How To Engage Your
Deep Core Muscles
Stabilising your deep core muscles is essential for any exercise. Stay injury free and improve performance.
There's a slight difference of opinion amongst researchers, about exactly how to activate and stabilise the deep core. Ah those scientists make things more complicated than they need to be.
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A couple of Aussie boffs in 1996, showed that deep core muscles contract before any movement of the rest of the body.
Click here to see the muscles of the deep core.
Enough about the boffs, what's this actually mean for us? Well it depends on how active you are, and whether you've had any back pain or injury..
Don't Exercise Much?
Experienced recurring back pain?
Your deep core muscles are designed to naturally contract, and protect your spine in doing so. But if you haven't used those muscles for a long time (by being sedentary or through injury), then that natural contraction disappears.
Basically the paths between your brain and those deep muscles are broken up. So you have to literally teach your brain to connect the dots and activate the deep muscles again.
As we've established, the deep muscles of your core stabilise your spine. Those muscles don't need big power, but they do need good endurance. The aim is to be (subconsciously) using those muscles throughout the day, even whilst you're sitting.
Deep Core Muscle Contraction..
You need to consciously activate the deep muscles: (See your health professional first if you've had a back injury)
- Lie flat on your front on an exercise mat, relax and breathe normally.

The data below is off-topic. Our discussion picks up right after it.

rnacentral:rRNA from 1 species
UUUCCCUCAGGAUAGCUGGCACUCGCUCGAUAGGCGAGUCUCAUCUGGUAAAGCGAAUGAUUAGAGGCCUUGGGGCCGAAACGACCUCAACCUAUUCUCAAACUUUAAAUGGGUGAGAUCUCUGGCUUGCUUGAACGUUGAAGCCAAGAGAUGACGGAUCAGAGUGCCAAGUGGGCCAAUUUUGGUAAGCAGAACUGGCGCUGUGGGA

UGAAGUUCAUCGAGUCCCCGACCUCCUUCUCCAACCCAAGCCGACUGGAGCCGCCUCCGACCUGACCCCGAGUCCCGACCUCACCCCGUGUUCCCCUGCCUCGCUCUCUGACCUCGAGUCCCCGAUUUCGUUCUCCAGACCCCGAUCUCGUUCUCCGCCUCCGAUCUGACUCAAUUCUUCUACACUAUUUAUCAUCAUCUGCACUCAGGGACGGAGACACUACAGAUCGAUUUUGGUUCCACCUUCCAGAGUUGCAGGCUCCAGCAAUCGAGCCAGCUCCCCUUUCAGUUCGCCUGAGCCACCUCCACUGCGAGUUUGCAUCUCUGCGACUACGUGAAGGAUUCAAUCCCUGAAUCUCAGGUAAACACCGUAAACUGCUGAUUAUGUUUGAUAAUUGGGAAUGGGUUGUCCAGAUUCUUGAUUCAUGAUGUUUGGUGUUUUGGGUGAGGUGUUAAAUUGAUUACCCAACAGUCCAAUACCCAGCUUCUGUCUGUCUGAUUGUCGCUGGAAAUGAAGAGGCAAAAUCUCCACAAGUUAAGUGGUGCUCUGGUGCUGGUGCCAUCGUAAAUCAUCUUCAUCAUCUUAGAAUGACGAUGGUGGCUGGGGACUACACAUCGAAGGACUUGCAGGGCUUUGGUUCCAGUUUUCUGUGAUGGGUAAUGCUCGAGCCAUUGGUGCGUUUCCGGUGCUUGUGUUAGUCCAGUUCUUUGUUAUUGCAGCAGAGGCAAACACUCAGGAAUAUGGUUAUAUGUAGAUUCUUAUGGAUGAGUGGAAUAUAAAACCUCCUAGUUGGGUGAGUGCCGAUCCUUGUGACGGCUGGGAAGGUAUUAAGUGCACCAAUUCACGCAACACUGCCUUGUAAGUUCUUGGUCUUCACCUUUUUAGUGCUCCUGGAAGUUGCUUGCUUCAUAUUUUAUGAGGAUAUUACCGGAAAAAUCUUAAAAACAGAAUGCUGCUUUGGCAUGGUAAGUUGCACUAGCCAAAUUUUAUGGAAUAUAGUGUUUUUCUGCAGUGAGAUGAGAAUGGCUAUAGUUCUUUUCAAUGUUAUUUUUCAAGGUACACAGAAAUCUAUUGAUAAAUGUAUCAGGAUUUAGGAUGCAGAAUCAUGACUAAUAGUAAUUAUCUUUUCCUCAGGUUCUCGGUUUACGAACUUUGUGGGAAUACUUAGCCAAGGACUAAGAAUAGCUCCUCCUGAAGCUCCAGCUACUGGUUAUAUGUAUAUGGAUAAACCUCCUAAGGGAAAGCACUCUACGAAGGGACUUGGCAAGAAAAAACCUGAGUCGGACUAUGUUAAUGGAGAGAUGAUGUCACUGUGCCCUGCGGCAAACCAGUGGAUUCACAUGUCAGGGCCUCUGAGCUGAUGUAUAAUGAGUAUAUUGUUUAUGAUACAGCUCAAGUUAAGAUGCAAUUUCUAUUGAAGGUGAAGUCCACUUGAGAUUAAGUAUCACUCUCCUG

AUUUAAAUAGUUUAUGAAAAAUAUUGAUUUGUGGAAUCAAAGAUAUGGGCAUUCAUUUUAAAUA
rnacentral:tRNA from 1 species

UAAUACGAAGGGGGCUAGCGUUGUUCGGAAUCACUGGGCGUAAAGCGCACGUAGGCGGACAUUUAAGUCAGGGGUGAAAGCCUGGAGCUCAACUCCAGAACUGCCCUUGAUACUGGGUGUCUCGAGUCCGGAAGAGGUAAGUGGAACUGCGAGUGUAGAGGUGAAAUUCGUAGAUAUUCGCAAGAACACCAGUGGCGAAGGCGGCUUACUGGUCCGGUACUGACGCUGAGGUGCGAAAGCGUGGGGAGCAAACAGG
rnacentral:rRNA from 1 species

- Keeping your hips and back still, draw your lower stomach in towards your back.
- Focus on the deep muscles, this is a very small movement when done correctly.
- Hold for 5 seconds and relax - make sure you keep breathing throughout.
- Repeat 5 times.
- Progress by holding it for longer each time, aim for 2 minutes or even longer.
It's a subtle movement that can be hard at first. Try pushing your fingers into either side of your lower stomach area, and then do the contraction. You should be able to feel the muscles contract.
You can do this exercise lying on your back too (with your knees bent and feet flat on the mat). Once you're used to the movement, practice it wherever you are (lying, sitting or standing). During everyday activities (e.g. standing in a queue), or even during other exercise (e.g. riding your bike).
With plenty of practice, those pathways between brain and muscle will be re-built. You'll be activating your deep muscles without any thought again.
Click here for more challenging core exercises.
Haven't experienced any back pain?
If you are an active person and exercise regularly, the natural contraction of your deep core muscles will be normal.
That means your brain tells your deep muscles to contract, without you needing to think about it.
The upshot is that you won't get much out of doing the deep muscle contraction described above. That's because the pathways from your brain to muscles are all in-tact.
You can still improve performance though, by strengthening your core as a whole.
Click here for these essential core exercises.
Click here for 5 tips to lose that stubborn belly fat.
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